Where’s the harm in bullying?

The West Australian Government has released its the report on its Ministerial Review of the State Industrial Relations System. There are a few interesting bits that relate to occupational health and safety (OHS) and bullying.

The Fair Work Commission has been able to accept applications to stop workplace bullying for a few years now. Western Australia’s State system will soon also allow this, if the Government accepts the recommendations, but workplace bullying is a little different from the OHS approach. The report says:

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Safe Work Australia at Senate Estimates

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During April 2019 Executives from Safe Work Australia (SWA) attended the Senate Estimates hearings as usual. This current session was a little different as a General Election was imminent and Industrial Manslaughter laws have increased focus on occupational health and safety (OHS) organisations and regulators. Also the Committee included Senator Gavin Marshall who, late last year, was the Chair of the committee which conducted an inquiry into industrial deaths.

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What was overlooked during Budget week

Last week the Australian media was dominated by discussions on the Federal Budget and it being the precursor to a Federal Election in May 2019. But there were several actions in the few scheduled days of Parliament which relate to occupational health and safety (OHS). Below is a summary of some of them.

Labour Hire

In support of the Morrison Government Budget, Minister for Jobs and Industrial Relations, Kelly O’Dwyer, issued a media release stating that in response to Migrant Workers Taskforce Report, the Government (should it be re-elected, in reality) will establish:

“….a National Labour Hire Registration Scheme to ensure compliance and transparency in the labour hire industry in high-risk sectors;”

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Government Department gets an enforceable undertaking following a workplace death

Yesterday (April 4, 2019) SafeWorkSA dropped charges against the Department of Planning, Transport and Infrastructure (DPTI) over breaches of the workplace health and safety legislations that contributed to the death of 54-year-old Debra Summers, in exchange for an Enforceable Undertaking (EU). This move had been flagged earlier noting that it was unusual to accept an EU when a workplace fatality had occurred.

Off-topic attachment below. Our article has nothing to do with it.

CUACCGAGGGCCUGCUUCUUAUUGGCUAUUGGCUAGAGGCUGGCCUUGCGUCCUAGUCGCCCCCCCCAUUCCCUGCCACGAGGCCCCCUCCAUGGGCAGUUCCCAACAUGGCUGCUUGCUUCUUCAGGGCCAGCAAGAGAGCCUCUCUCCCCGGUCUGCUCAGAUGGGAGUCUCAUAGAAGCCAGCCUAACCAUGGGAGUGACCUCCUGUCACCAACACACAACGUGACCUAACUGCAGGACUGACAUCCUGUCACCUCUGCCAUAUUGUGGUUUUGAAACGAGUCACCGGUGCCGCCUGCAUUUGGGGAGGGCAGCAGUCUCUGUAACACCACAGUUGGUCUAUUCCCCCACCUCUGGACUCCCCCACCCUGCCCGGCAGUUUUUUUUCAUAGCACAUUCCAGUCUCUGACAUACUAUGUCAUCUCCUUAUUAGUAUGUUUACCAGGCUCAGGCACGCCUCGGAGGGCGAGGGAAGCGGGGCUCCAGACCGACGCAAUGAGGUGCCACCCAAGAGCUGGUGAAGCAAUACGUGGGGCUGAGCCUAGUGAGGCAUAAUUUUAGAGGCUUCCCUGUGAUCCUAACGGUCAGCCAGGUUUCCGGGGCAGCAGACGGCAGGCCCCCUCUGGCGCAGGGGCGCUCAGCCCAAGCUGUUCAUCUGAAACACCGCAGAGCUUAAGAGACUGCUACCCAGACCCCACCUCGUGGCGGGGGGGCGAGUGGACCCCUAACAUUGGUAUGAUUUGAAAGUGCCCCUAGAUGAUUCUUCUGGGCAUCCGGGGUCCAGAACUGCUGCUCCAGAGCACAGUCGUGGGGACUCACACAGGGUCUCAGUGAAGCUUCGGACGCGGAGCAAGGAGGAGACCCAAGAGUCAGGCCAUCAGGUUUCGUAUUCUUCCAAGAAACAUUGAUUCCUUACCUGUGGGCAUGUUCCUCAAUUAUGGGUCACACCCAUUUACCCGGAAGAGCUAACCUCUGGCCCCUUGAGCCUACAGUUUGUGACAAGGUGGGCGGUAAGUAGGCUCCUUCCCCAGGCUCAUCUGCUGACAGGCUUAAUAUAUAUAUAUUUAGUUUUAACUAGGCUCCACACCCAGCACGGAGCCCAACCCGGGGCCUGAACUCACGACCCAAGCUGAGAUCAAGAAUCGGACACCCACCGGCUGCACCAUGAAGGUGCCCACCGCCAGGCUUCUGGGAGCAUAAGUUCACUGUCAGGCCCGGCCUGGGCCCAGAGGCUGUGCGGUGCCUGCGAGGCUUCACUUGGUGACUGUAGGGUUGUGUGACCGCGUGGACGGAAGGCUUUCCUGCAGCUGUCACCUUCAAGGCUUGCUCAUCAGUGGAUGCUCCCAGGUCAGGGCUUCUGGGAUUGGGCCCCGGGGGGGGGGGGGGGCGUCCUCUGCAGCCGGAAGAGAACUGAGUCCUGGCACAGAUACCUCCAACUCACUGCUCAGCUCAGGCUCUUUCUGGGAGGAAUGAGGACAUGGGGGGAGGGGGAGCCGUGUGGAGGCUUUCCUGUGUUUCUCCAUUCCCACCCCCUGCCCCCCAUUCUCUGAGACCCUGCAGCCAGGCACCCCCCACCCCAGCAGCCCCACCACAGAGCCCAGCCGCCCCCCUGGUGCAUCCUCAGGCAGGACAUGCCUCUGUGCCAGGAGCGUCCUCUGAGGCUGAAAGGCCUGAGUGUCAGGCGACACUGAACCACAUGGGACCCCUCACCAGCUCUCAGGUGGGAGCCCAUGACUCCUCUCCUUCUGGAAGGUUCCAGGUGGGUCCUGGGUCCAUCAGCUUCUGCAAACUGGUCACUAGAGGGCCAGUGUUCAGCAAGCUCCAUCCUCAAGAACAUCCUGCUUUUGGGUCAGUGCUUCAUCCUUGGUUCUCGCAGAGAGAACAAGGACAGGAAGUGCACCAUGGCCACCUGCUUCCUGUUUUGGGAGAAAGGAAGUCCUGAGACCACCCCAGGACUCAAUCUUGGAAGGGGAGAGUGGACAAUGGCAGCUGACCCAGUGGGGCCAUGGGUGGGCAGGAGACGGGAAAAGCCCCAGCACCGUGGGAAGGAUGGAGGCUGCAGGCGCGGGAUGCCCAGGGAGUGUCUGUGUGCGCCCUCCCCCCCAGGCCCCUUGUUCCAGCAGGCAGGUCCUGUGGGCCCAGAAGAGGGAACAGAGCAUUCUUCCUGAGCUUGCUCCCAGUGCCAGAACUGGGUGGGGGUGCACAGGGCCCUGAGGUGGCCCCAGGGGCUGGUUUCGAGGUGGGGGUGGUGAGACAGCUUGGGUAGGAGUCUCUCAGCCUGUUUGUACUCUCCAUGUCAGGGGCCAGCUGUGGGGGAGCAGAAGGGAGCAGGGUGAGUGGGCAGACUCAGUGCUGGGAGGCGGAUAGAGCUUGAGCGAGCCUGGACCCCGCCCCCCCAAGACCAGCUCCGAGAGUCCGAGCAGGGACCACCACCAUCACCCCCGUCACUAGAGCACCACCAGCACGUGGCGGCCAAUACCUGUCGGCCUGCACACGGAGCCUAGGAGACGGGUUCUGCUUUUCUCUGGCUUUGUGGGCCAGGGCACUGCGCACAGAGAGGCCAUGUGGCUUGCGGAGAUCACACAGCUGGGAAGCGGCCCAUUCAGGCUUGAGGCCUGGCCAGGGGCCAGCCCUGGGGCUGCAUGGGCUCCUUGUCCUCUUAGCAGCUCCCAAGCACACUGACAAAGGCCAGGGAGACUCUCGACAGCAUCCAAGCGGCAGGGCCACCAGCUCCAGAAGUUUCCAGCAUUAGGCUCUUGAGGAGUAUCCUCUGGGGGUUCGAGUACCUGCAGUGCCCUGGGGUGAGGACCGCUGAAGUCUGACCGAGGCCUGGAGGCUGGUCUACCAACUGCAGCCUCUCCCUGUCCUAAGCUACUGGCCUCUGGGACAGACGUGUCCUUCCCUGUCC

SafeWorkSA’s Executive Director, Martyn Campbell, spoke exclusively with SafetyAtWorkBlog earlier this week to provide more context to the acceptance of the EU. He has spoken to the Summers family in the preparation of the EU and said that some of the request of the family have been incorporated. He also outlined the circumstances of Debra Summers’ death:

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Young worker’s death increases OHS pressure on State and Federal governments

This week an 18-year-old construction worker died in a scaffold collapse on a New South Wales construction site. The occupational health and safety (OHS) regulator has instigated an investigation into Christopher Cassaniti’s death and the serious injury of a work colleague in the same incident, as well as an inspection of scaffolding throughout the State.

An excellent podcast on the incident and the OHS context is available at Triple J’s Hack podcast.

In May 2019 Australia has a general election and, following yesterday’s Budget announcement, Australian politicians are in campaign mode. That might seem irrelevant to the workplace death of a young man but the Shadow Minister for Employment and Workplace Relations, Brendan O’Connor, was interviewed the day after Cassaniti’s death by Triple J’s Hack program. The discussion eventually reached Industrial Manslaughter laws.

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